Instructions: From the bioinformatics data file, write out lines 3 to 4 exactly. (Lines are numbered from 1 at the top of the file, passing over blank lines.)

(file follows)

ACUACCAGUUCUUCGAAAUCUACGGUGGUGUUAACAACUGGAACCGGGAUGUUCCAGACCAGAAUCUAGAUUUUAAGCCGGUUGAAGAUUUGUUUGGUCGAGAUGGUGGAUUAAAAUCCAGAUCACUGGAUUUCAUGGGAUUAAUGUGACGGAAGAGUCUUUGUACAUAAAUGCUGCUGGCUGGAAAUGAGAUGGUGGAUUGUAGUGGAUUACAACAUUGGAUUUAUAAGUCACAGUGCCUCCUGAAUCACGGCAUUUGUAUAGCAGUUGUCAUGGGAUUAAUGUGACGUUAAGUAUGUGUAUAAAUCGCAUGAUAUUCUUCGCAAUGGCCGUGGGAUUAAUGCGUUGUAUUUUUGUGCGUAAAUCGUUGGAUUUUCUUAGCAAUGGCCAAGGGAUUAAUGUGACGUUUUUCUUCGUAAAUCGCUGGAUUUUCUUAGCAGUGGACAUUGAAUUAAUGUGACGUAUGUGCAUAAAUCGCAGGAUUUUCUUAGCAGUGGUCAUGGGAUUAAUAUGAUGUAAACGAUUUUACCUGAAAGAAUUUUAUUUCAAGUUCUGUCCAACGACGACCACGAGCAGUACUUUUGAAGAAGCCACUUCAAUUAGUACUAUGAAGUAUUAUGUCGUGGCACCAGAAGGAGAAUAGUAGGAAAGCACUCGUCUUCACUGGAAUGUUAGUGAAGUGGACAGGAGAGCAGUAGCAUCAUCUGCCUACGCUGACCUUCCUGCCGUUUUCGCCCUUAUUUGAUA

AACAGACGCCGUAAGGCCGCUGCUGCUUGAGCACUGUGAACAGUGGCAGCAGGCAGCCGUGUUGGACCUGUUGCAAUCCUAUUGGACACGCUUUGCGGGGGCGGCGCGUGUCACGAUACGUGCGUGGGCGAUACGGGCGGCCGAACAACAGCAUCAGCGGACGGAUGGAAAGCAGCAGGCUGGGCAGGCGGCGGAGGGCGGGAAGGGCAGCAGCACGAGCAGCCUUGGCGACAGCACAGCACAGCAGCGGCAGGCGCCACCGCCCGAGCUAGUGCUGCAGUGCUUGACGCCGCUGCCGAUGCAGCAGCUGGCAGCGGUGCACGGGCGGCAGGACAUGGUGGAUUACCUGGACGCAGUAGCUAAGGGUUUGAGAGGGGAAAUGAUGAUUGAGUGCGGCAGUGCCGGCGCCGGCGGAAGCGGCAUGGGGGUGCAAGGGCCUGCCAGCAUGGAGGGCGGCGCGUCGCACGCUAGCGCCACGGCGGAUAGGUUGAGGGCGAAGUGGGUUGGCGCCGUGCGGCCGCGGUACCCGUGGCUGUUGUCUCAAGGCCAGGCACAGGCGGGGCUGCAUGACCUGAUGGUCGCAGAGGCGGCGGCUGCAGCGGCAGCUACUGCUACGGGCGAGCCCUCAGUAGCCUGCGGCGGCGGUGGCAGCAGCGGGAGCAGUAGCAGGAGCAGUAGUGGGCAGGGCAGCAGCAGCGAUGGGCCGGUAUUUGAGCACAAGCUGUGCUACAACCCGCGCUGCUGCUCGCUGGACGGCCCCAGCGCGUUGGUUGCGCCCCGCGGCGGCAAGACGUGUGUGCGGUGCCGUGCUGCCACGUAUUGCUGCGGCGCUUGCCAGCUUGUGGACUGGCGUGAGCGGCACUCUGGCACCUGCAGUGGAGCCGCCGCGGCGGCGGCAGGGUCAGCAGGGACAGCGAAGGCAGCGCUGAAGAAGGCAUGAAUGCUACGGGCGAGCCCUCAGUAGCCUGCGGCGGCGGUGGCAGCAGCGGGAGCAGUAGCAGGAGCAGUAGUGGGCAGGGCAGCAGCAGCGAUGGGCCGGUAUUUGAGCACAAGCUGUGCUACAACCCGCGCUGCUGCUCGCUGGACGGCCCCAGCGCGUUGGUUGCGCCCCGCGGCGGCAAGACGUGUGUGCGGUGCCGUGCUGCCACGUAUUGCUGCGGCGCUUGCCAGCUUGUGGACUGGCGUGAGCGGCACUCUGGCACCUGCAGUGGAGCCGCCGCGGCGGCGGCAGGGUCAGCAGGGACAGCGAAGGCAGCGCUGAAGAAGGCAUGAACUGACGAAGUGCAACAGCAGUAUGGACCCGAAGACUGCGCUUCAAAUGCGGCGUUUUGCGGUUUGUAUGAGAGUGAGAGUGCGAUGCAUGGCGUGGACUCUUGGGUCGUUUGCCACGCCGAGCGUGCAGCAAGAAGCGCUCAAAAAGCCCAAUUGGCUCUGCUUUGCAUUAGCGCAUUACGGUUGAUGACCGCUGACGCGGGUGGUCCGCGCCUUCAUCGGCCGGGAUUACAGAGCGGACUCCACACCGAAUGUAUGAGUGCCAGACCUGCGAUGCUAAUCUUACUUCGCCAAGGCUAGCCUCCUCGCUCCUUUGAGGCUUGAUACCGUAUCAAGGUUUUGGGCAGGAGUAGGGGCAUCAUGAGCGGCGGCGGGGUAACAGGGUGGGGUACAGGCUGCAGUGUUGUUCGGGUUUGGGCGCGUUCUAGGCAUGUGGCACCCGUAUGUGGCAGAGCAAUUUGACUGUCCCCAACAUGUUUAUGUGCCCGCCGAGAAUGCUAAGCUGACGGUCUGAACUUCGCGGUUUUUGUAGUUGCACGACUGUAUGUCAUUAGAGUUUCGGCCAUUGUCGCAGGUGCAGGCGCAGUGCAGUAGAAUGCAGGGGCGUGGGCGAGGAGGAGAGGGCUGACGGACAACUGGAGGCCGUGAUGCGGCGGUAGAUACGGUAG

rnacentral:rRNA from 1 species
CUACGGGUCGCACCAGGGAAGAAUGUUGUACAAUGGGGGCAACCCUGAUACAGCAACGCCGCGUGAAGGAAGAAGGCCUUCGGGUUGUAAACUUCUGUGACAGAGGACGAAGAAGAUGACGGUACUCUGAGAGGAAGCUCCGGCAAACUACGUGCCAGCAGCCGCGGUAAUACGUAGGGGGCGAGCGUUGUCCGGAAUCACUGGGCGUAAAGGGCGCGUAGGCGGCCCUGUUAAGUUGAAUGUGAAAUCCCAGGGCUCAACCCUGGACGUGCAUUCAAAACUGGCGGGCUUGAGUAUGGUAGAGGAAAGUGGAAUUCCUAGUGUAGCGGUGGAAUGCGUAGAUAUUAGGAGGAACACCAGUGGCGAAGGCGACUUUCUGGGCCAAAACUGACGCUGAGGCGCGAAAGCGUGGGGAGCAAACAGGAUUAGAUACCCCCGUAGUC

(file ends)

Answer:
rnacentral:rRNA from 1 species
CUACGGGUCGCACCAGGGAAGAAUGUUGUACAAUGGGGGCAACCCUGAUACAGCAACGCCGCGUGAAGGAAGAAGGCCUUCGGGUUGUAAACUUCUGUGACAGAGGACGAAGAAGAUGACGGUACUCUGAGAGGAAGCUCCGGCAAACUACGUGCCAGCAGCCGCGGUAAUACGUAGGGGGCGAGCGUUGUCCGGAAUCACUGGGCGUAAAGGGCGCGUAGGCGGCCCUGUUAAGUUGAAUGUGAAAUCCCAGGGCUCAACCCUGGACGUGCAUUCAAAACUGGCGGGCUUGAGUAUGGUAGAGGAAAGUGGAAUUCCUAGUGUAGCGGUGGAAUGCGUAGAUAUUAGGAGGAACACCAGUGGCGAAGGCGACUUUCUGGGCCAAAACUGACGCUGAGGCGCGAAAGCGUGGGGAGCAAACAGGAUUAGAUACCCCCGUAGUC